22. Information providers (Mark Hibben) - cloud-based storage and development is becoming more accepted amidst security concerns. Net neutrality is not yet settled in the U.S., but has been in Europe. (trends)
23. Shipping (James Sands, The Value Investor) - uneven results exist across this sector. Railroads are carrying much less coal and crude. Trucking companies are benefiting from low fuel prices. Package carriers are benefiting from increased web based consumer purchases. (trends)(trends)(trends)
24. Printed Circuit Board Components (Robert Castellano, William Tidwell) - this is a very cyclical sector. Price war among commodity memory manufacturers continues. Capital equipment is seen as emerging from a long slow period. (trends)
25. Aerospace and Military Contractors (Aerospace Research) - a long standing largely protected U.S. industry status remains in place, with continued concerns over geopolitical developments. Travel demand continues to grow for airlines. (trends)(trends)
26. Pharmaceuticals (DoctoRx) - world governments seek lower drug prices. Heavy debt for acquisitions is under scrutiny. Pharma is an incredibly diverse sector with many high risk but high reward opportunities; trial results and FDA approvals have outsized impact on security pricing. (trends)
27. Medical Insurance and Outlets (Vijar Kohli) - U.S. government healthcare is undergoing many court challenges at the state level. The industry in this sector seeks information technology based improvements. (trends)(trends)
28. Asset Management (John Abbink, BDC Buzz) - pension funds, individual IRAs, sovereign wealth funds and company 401(k) plans will continue to participate in the markets. These seek yield and safety in an environment of unprecedented financial stimulus by world governments and central banks. (trends)
29. Credit Services (Collective Investment Co., Downtown Investment Advisory) - electronic theft or fraud is becoming a very significant concern, with many institutions having been compromised. Regulation is a real headwind for most mortgage servicers. Convenience in payment methods continues to be significant. (trends)
30. Insurance (Tim Travis) - long-term low interest rates makes earnings more difficult. The hope of increased rates keeps a fire under these securities. Many nations are still applying measures to keep their currencies weak. (trends)
32. REITs (Brad Thomas, Dane Bowler) - REITs are to be divided from "Financials" as a new S&P category in August 2016. Various funds and ETFs are presently buying up these companies in anticipation of said event. Long-term low interest rates and other U.S. Federal Reserve incentives continue to be supportive, but talk of raising rates can spook this sector. (trends)
Managing the perception of risk has to play a significant role in one's investments. Identifying and holding healthy businesses with growing dividends is in my mind a significant aspect of safe investing. I have the following investing thoughts at this time on the above sectors:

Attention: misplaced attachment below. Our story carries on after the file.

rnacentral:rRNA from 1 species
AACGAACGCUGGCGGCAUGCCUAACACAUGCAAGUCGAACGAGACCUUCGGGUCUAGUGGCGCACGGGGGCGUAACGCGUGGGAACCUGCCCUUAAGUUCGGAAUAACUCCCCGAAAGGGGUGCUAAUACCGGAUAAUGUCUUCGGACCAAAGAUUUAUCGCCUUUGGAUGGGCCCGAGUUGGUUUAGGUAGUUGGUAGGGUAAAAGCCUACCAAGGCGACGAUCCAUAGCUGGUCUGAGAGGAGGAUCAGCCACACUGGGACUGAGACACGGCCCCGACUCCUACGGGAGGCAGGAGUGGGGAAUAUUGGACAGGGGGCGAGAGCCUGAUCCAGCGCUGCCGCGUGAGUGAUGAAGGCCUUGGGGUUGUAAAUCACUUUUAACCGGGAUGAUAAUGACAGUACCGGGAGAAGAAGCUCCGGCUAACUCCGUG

1. Some sectors have been bid up for many months or even years now. Many examples can be seen among individual companies within Utilities, Aerospace and Military, and some REITs. Such behavior may be a quest for safe improvements on the steadily rising chart for U.S. Treasuries (see for e.g. my article on NiSource). I would view this as a style of investing, but not my style.
2. Packaging (within Materials) and some Shipping subsectors have benefited from a tailwind due to online purchases, a long-term trend which is not likely to abate. Credit Services has benefited from a long-term trend toward electronic commerce. I would however view online security as an ongoing and increasing threat with an uncertain endgame.
3. Futures pricing for crude oil can have an outsized effect on multiple sectors (e.g. Construction and all oil and gas sectors). While not always warranted, that is the stock market. For an example of the thought process for crude oil futures activity, see for e.g. Michael Fitzsimmons' article here with the comment stream. While crude oil remains in significant oversupply, I view the natural gas commodity as building for a trend reversal, with an impact on related securities.
4. Futures pricing for interest rates also has a significant effect on multiple sectors. Much of the entire financial sector would benefit from normalized interest rates, but it can literally wear out an investor trying to follow the expectations of the market. Some special cases exist in these sectors which display an out-of-step behavior, and several of these have been identified in SA articles.
5. Despite the accomplishments of our Pharma and health product sectors, these seem to be laboring with concern about regulation going forward from effectively hostile governments. Health services and Medical Insurance are embroiled in an unraveling affordable healthcare act, perhaps with opportunity for speculators.
6. Some cyclical sectors seem to have already anticipated a downturn, e.g. Vehicles and Business to Business. This is a source of present opportunity in my view.
7. Many companies within Apparel, many chain retailers, and mall REITs have been effectively left for dead in light of more recent company reports about an increase in online market share. Investors have to consider what sectors can actually die versus re-invent themselves, and whether one is willing to stick with his position. While coal is not dead, it has been sentenced severely. In the same way, concerns for these sectors ought not be taken lightly.
8. For all sectors, I think small caps and foreign securities continue to hold promise as well as diversification. Investing in these should be backed with research (see for e.g. my article on Singapore Telecom).
So far, I have written focus articles on mid cap or foreign companies within three of the stated categories (i.e. Basic Materials, Utilities, and Media). My plan is to write further articles for some categories, for basic sector awareness and to define my investment strategy, which will appear in the conclusion of each article. I expect all of these to require a significant amount of research.
In due time, I expect to identify for myself a research maintenance mode, and thereafter, allow my process to carry me forward. My end goal is to make sound portfolio allocations as an individual investor, with a defensible case as my own analyst.
Disclosure: I/we have no positions in any stocks mentioned, and no plans to initiate any positions within the next 72 hours.
I wrote this article myself, and it expresses my own opinions. I am not receiving compensation for it (other than from Seeking Alpha). I have no business relationship with any company whose stock is mentioned in this article.